Bob Cough-man

“Remember your national emergency signal, when you see three large mushroom clouds and two small ones, it is not a drill. Turn off your TV and get under it.” (87)

I was watching Apocalypse Now last night for different lit class that I know some of you are in, when something outside my window made quite a lot of noise. It was probably just a car backfiring or some neighbor who found a rogue firework in their garage and decided to set it off before the rain hit– but I found myself totally unconcerned with the noise out my window for a good three minutes or so. Then it hit me that, unlike Martin Sheen, I was not in Vietnam during wartime and noises that sound like explosions out my window should probably, at the very least, spark my curiosity.  But, because I was so engrossed in the movie on my computer screen, the real world had ceased to be real or affect me at all and I think that Bob Kaufman quote up there really laments this very phenomenon, among other things.

Kaufman is pointing at America’s numbness and de-sensitivity in this quote in the statement: “when you see three large mushroom clouds… Turn off your TV…”  He is saying that in the event of nuclear attack, Americans would be so hooked to their televisions and so numb to reality that it would not really occur to them that a bomb had dropped until they saw the mushroom cloud- and even then they have to be reminded that it is not a drill. Americans would have to be reminded that what they are seeing is not on a screen, but real; the world outside their window really does affect them.

I think the most cynical aspect of this quote is the end, “Turn off your TV and get under it.” It is very easy to hide behind a television. People don’t actually have to go out into the world- the world can come to them in pixels on a screen. But, you can’t really hide behind your television in the event of a nuclear blast and getting under it would just make you look ridiculous before you died. But really, there is nothing you could at that point to prevent your death- so in a sense any national security plan for when a bomb is dropped is just as futile as climbing under your television.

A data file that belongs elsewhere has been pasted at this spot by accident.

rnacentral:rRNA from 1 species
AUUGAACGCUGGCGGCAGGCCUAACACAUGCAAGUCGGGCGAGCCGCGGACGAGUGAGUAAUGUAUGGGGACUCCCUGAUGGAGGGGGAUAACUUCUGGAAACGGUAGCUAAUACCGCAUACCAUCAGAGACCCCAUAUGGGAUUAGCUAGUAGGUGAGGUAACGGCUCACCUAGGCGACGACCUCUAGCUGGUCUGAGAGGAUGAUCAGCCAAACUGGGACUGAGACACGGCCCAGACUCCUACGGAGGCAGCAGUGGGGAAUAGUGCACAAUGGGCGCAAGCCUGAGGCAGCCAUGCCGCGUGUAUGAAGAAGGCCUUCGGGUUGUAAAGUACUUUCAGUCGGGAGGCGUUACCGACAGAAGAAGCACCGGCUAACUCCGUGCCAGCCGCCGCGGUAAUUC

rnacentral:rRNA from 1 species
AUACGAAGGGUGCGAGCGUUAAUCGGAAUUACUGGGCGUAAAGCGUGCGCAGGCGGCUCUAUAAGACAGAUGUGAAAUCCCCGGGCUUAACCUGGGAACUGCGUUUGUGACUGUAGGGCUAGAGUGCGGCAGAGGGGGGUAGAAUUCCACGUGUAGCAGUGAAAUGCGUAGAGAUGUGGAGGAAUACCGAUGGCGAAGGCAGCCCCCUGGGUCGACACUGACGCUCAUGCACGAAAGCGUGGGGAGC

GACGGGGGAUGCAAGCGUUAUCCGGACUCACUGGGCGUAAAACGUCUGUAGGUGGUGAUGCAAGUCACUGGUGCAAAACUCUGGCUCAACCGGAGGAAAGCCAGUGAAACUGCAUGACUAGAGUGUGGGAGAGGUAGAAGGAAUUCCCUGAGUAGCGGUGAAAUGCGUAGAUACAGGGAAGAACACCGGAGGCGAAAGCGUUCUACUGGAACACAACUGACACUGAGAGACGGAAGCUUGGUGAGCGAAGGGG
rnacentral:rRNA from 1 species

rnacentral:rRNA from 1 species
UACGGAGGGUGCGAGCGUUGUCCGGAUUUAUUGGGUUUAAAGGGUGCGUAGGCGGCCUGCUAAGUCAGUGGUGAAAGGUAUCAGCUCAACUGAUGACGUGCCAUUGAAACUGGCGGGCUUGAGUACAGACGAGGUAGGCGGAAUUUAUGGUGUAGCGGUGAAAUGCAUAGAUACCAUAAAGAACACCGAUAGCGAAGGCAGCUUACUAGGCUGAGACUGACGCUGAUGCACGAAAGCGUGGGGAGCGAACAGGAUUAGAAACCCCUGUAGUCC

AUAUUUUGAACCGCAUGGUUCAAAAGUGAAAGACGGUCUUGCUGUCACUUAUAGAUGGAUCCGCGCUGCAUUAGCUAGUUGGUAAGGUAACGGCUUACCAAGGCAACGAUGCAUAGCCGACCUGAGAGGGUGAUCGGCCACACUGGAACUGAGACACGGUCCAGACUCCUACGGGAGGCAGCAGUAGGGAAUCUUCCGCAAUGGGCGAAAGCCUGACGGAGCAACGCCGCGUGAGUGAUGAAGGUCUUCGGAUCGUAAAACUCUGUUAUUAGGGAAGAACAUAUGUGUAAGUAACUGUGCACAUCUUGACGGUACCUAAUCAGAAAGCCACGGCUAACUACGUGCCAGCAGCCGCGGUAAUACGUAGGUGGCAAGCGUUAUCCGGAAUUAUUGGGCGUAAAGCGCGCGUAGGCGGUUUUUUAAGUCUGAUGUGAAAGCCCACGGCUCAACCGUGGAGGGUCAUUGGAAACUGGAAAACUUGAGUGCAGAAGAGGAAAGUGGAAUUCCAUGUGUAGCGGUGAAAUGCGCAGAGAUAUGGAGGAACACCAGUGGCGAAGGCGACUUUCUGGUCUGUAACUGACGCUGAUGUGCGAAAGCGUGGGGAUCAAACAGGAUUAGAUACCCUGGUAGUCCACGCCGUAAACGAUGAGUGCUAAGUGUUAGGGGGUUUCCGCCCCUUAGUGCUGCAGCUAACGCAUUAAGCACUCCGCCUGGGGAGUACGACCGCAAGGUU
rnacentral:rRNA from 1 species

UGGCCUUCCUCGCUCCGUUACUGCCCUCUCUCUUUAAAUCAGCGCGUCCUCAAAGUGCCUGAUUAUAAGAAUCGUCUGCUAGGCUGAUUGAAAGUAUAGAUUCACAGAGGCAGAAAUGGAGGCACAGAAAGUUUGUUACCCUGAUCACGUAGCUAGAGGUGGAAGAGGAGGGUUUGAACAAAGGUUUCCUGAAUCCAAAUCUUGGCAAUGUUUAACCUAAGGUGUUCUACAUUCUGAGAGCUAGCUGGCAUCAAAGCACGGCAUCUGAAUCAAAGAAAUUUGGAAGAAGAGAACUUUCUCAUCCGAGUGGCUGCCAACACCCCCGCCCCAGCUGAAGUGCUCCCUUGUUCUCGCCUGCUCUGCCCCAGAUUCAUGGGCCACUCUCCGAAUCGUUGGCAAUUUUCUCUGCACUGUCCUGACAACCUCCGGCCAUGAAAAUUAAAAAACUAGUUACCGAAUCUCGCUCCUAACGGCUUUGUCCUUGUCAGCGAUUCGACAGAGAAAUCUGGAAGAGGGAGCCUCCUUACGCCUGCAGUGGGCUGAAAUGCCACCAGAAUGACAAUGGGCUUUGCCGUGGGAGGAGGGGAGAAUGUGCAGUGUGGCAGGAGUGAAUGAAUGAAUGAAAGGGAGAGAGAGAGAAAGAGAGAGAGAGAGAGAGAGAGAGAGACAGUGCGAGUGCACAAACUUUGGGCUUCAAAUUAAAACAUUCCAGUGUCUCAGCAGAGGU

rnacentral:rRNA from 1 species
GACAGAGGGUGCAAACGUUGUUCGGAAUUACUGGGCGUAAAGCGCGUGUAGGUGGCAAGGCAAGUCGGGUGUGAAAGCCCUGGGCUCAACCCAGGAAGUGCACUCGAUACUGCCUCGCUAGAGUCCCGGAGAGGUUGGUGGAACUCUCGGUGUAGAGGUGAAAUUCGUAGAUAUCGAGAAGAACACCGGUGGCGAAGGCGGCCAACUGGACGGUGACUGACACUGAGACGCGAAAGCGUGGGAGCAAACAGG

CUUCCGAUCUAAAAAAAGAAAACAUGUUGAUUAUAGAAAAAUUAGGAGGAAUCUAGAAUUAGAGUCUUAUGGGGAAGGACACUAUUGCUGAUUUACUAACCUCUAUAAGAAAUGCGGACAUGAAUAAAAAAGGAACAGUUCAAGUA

I really liked this quote. It speaks the fact that maybe we’re all doomed, but if we would just turn off the screens we would at least have a little dignity in our death.

 

 

 

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5 Responses to Bob Cough-man

  1. Entropy says:

    Haha. I took this quote way differently than you did, I took it as “our televisions are our safety blankets” sort of thing. As Eireene pointed out on my post, there is a lot of sarcasm going on in Kaufman, but I took that as self evident and you may have as well. Apocalypse Now is a great film, I wish I was in whatever class you are in that it’s required to watch because I watch it about four times a year anyway and that would be just another excuse to subject my friends to it. Hard to feel good after that one though, good god.

  2. Kendall says:

    I really liked your analysis of the Kauffman quote. “in the event of a nuclear attack, Americans would be…so numb to reality that it would not really occur to them that a bomb had dropped…and even then they would have to be reminded that it is not a drill”-This statement is a more than accurate assessment of the state of the collective American imagination (if this does indeed exist). On the day that 9/11 happened I remember turning on the tv before school, seeing the coverage of the towers burning, and thinking that it was a movie. I turned the tv off and remained ignorant to the events that had transpired until I reached my first class where everyone was hyped up and afraid. I would like to think that I have grown to become more sensitive and aware but the truth is that I’m desensitized and it’s sad. We have lost our soul as a nation (if indeed we ever had one). Everything is superficial. Perhaps “we are all doomed” but I enjoyed reading your reflections nonetheless.

    “As if our minds could be anything but mirrors of the culture in which we are raised. As if we could be anything but victims-at best, survivors-of the weapons our culture has devised against the self.” -Starhawk, 1987

  3. Kendall says:

    also really enjoyed the audio clip, thanks!

  4. I really liked this post! You and Kauffman make interesting points about America’s dependency on television and our constant need to escape reality. Also, I thought the audio clip was a nice touch 😉

  5. I’m also in the Gothic imagination class (unlike Entropy, Apocalypse Now was a drag to me… it’s soooooo long!). Kaufman’s quote says so much in whatever way it is interpreted. I assumed the television would take on the form of the communication device to instruct those of us tuned-in Americans that a state of emergency was at hand, not that we would necessarily be so involved with the TV that the urgency of the situation would escape us. I really dig your take on it though. Maybe I’m one of those American’s that missed the irony in the statement because I was so sucked into the TV! I also like the idea of out televisions being our “security blanket”. Going back to Apocalypse Now, given the fact that portions of the Vietnam war was filmed and showed (even falsely) the dire effects of war, does this security blanket idea suffice? The footage was used to assure the public that our presence there was needed (a security blanket concept) but the blood and guts of the war was also shown. I’m just thinking out loud.

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